Dear Mama, I'm 32 Now.
Let's celebrate! It is the 32nd anniversary of your decision to let me live. I know this was not the most popular choice at the time. Terminating a pregnancy was the fad in 1984. If my research is correct, the ratio of abortions to live births was the highest it had ever been that year and that astonishing record has yet to surpass it, at least in the United States. On sheer statistics alone, I shouldn't be able to write these words or any of the other hundreds of thousands of words I've written over this lifetime. But here I am. Today I turn 32.
Long ago, I came to the conclusion that I would never know why - Why did you carry me to term, why did you give me away, or why you deemed me not worth the effort to keep me around. Certainly, the "risk" of my presence was worth the sexual experience you had... You know we have such a low view of sex as Americans, don't we? Its abundance beguiles its preciousness. It is like our view technology - like credit cards, airplanes, and cell phones. The pleasure of sex is a commodity to us. But when the commodity produces the suspected, yet still surprising results, we do what we need to do in order to cope with the rest of our lives. It's ironic. Every form of entertainment compares the sexual experience to the feat of reaching a god-like status, but then upon reaching the pinnacle of deity, we deny the responsibilities in which we have been entrusted. I guess it is just so odd to me.
But I'm supposed to be thankful, right? Thankful that you didn't abort me. I wonder if your grand-daughter will ever be thankful that we didn't abort her? Or is it just human nature to acknowledge mere existence as a right, not a privilege? I'm not so sure anymore. But I do know how much joy she would bring you. She is my blessing and my pride, she sometimes is the only thing that keeps my soul alive. Having her here, with me, is the consequence of our choices. This was a very good consequence.
In case you are wondering, the people that raised me, my parents, are some of the finest people to ever trod this soil. They scraped, sacrificed, and struggled to give me more than I deserved. It's a natural thing, I suppose, to take care of your own flesh and blood. It's a supernatural ability to love something that is not your own as if it was. This single fact convinces more of God's love for sinful humans more than any theological concept, holy text, or puritanical principle. The living hermeneutic of my parents is what convinces me of the truth of the gospel. Hopefully, I will live my life in a similar way.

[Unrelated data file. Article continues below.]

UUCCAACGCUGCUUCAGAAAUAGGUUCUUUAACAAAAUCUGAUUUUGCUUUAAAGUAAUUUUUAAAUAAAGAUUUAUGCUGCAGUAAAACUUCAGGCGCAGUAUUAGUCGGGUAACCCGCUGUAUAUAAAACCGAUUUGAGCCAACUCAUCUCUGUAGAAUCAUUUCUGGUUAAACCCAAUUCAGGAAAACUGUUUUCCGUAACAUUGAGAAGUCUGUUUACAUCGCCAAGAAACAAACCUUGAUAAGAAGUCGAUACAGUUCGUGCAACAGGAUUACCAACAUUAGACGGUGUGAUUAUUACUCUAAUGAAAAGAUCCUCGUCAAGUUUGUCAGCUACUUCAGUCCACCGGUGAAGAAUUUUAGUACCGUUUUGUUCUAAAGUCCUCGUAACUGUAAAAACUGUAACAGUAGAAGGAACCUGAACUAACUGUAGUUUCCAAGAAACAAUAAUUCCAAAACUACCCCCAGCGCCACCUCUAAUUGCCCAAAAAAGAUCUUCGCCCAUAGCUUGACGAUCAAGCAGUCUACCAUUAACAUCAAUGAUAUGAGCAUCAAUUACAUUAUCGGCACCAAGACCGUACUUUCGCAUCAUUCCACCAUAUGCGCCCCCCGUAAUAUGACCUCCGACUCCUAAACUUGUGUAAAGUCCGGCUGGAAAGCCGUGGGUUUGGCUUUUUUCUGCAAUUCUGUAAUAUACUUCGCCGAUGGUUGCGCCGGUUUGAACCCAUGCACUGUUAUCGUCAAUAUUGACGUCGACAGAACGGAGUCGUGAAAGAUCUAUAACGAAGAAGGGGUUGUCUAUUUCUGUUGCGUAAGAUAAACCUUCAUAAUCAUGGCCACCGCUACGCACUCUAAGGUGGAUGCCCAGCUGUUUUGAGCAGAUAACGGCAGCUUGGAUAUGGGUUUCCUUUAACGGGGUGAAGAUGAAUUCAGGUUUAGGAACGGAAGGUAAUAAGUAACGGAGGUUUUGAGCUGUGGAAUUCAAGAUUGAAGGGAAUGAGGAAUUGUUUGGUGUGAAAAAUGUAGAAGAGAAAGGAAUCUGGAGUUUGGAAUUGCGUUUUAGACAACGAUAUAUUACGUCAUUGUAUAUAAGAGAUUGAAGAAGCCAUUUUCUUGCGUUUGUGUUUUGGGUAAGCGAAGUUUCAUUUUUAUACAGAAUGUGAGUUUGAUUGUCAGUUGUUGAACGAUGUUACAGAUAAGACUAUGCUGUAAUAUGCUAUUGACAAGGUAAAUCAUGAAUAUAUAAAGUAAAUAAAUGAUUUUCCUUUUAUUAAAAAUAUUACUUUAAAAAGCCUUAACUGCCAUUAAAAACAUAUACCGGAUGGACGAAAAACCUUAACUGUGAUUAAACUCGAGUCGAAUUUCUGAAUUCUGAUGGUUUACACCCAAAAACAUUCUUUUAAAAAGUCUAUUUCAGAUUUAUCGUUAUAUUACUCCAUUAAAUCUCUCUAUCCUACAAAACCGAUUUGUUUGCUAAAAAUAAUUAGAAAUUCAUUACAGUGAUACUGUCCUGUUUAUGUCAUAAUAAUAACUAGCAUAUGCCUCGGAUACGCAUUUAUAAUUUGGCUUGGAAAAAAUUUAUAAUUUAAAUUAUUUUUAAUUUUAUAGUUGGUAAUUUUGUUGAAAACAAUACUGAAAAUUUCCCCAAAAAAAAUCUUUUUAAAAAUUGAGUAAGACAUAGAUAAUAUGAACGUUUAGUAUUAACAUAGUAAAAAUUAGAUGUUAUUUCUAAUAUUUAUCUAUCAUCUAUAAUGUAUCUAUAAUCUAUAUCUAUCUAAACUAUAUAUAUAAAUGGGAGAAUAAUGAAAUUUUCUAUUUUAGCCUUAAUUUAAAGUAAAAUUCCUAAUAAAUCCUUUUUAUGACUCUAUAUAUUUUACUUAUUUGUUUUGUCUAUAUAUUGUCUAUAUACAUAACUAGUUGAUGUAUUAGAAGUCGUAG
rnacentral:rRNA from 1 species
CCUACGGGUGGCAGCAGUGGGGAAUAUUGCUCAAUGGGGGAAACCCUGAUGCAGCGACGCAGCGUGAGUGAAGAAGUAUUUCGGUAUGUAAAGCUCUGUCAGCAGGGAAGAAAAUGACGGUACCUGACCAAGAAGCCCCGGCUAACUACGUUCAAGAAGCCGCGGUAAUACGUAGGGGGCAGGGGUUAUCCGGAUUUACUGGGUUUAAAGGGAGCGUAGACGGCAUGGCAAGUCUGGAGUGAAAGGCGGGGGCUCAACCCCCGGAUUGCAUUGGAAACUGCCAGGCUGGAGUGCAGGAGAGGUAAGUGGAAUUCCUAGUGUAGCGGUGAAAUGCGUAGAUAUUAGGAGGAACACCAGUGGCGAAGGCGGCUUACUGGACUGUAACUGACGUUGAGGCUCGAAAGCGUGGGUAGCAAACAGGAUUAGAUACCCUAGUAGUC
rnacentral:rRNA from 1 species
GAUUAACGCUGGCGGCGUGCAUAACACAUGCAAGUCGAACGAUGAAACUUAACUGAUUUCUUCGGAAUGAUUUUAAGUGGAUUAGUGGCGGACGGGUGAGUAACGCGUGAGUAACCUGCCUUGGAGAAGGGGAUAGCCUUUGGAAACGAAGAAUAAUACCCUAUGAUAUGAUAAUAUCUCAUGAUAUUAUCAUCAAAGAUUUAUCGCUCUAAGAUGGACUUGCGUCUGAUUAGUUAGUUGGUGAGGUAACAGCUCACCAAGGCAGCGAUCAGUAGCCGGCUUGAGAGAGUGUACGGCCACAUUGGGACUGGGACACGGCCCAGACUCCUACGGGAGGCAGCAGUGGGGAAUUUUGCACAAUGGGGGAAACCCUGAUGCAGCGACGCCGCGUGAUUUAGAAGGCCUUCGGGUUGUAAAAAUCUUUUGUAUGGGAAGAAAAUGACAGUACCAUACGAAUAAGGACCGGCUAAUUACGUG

In the last 32 years, I have pursued many avenues of learning and pleasure. Some have been blessings while others have left scars that no amount of time can erase. Everyday I fight the feelings of worthlessness, emptiness, and loneliness that exist in the place where you should have always been. I can't be angry, because at least I am alive, right?
But this burden just never goes away. But don't worry about me, I am starting to become comfortable with the idea that it will never go away. Indeed, it will probably be the best if it does not. You could have never known this, but your choice to give me away is the single most valuable asset I have in my life. It is my central source of inspiration. It drives me to write, create, and achieve. If this was your master plan all along, then I salute you. You were wiser than I ever gave you credit for.
It seems so plain to say this, but without you Mama, I'm nothing and I would have achieved nothing. But, I'm also not sure you get the credit this verse applies. Its a line said in many acceptance speeches, and I suppose the words need uttered here, in this space. This is my accpetance speech. No award is being bestowed, I'm just finally accepting the reality of your choice.
An ongoing discussion about growing up, passing on, and the ties that bind us together. Following Jesus is a family affair — no matter who you call your family.